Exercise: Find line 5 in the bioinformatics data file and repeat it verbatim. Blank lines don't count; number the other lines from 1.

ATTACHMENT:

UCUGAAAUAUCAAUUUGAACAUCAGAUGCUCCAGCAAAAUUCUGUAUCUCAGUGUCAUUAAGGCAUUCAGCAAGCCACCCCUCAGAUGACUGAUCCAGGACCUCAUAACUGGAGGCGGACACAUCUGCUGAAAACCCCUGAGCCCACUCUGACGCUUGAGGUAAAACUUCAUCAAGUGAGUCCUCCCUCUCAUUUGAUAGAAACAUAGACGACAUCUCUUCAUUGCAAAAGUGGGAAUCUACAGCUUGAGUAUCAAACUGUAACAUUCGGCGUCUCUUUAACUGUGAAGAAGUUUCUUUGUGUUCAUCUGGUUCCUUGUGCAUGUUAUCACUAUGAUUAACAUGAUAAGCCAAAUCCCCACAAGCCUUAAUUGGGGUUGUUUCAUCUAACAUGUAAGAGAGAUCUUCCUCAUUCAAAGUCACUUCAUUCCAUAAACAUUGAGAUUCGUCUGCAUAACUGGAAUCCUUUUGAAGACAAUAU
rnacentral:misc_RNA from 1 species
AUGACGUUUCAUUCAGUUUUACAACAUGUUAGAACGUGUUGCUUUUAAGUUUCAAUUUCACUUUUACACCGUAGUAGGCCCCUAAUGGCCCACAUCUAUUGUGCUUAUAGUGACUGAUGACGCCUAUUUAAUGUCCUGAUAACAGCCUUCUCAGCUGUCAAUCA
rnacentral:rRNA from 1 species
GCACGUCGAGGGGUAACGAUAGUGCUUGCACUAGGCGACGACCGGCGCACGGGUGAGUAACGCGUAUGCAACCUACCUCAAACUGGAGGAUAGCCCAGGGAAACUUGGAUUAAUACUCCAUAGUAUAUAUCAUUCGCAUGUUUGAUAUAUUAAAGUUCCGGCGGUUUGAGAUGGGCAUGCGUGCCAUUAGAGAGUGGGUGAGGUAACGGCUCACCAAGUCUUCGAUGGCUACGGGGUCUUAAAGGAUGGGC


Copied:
GCACGUCGAGGGGUAACGAUAGUGCUUGCACUAGGCGACGACCGGCGCACGGGUGAGUAACGCGUAUGCAACCUACCUCAAACUGGAGGAUAGCCCAGGGAAACUUGGAUUAAUACUCCAUAGUAUAUAUCAUUCGCAUGUUUGAUAUAUUAAAGUUCCGGCGGUUUGAGAUGGGCAUGCGUGCCAUUAGAGAGUGGGUGAGGUAACGGCUCACCAAGUCUUCGAUGGCUACGGGGUCUUAAAGGAUGGGC